Finding Songs in Sorrow: “Woody Sez: The Life and Music of Woody Guthrie”

Presented by Merrimack Repertory Theatre
Devised by David M. Lutken with Darcie Deaville, Helen Jean Russell, and Andy Teirstein
Directed by Nick Corley and Sherry Lutken
Music direction by David M. Lutken
Featuring Darcie Deaville, Maggie Hollinbeck, David M. Lutken, Andy Tierstein

June 8 – 22, 2022
Merrimack Repertory Theatre
Merrimack Ales,
92 Bolt Street
Lowell, MA 01852
The Playbill

2 hours with intermission

Review by Craig Idlebrook

LOWELL, Mass. — In the 21st century, the folk singer can easily be a target of ridicule, an archetype in American music which is somehow prone to both over-earnestness and affectation. However, the folk singer had more earnest origins. Folk music, as most know it, was made up of storytelling songs passed down and performed by families and groups of people, and it was the folk singer’s job to find and share these songs.

It is a testament to how finely crafted the show Woody Sez is that it can reintroduce a near-mythical folk singer in a way that helps his story and songs feel authentic and new once more. The show, a hybrid of a straightforward musical and a jukebox musical, walks the theatergoer through the life of Woody Guthrie, the guitarist and troubadour who came of age during the Dust Bowl era. His work spans a time when folk music began to be recognized by American critics as a true art form that chronicled hidden slices of American life. The compelling quartet of a cast in this touring production expertly guides us through formative vignettes of Guthrie’s life, and performs selections of his songbook with heart.

David M. Lutken serves as both MC and the title character (Woody), while Darcie Deaville, Helen Jean Russell, and Andy Teirstein play multiple characters in Woody’s orbit. Stage bios sometimes struggle with what to leave in and what to leave out, but this script rarely stumbles in its pacing. Instead, it bumps along simply, like one of Guthrie’s songs, while also creating a through line that connects the singer’s personal pain with his desire to share the pain of others through songs.

We learn that Guthrie’s decision in his teen years to make the road his home and the masses his family is not borne of some misplaced idealism. Rather, he does this as he flees the horrors of his family and rides the chaos of boom and bust cycles. This foundation of the story helps us appreciate the bittersweet playfulness of much of his songbook, while also making the anger of his protest songs feel all the more righteous.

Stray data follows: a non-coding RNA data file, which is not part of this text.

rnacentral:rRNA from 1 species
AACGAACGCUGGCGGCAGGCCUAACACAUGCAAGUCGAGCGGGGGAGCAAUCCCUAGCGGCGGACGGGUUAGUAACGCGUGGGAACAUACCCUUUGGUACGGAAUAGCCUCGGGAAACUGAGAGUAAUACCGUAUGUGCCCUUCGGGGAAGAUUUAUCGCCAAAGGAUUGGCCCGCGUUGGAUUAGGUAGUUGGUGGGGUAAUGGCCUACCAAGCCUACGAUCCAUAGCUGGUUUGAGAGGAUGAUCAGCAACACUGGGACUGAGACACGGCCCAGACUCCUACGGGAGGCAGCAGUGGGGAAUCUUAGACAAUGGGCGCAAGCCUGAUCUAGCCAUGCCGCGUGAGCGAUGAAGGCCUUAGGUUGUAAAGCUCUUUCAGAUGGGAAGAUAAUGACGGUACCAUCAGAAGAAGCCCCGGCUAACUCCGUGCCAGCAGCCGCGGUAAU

It would be a disservice to say that the quartet of talented musicians merely stays out of the way of Guthrie’s greatest material. They have an easy mastery with each song, enough so that they spend their time on stage listening deeply to one another and keeping the arrangements loose, a style which adheres closely to the folk tradition.

The sparse, wood-based set designed by Luke Hegel-Cantarella contains layers, much like the storytelling songs of Guthrie. Above hang striking photos of Guthrie and his family, including, most chillingly, a photo of happy children with a blurred mother figure behind them.

If there are any missteps to this production it is that it doesn’t take an even simpler path. A flashy literary quote that bookends the action feels jarringly out of place in a play made up of Guthrie’s poetry, and the production doesn’t connect the dots to make the juxtaposition feel earned. In addition, the choice to center the earliest scenes in a radio studio in New York City feels scattershot, given how much of the rest of the play is set in the rural West. However, such slight stumbles do little to detract from production detailing the beating and bruised heart of a great American troubadour, and the times that shaped him.

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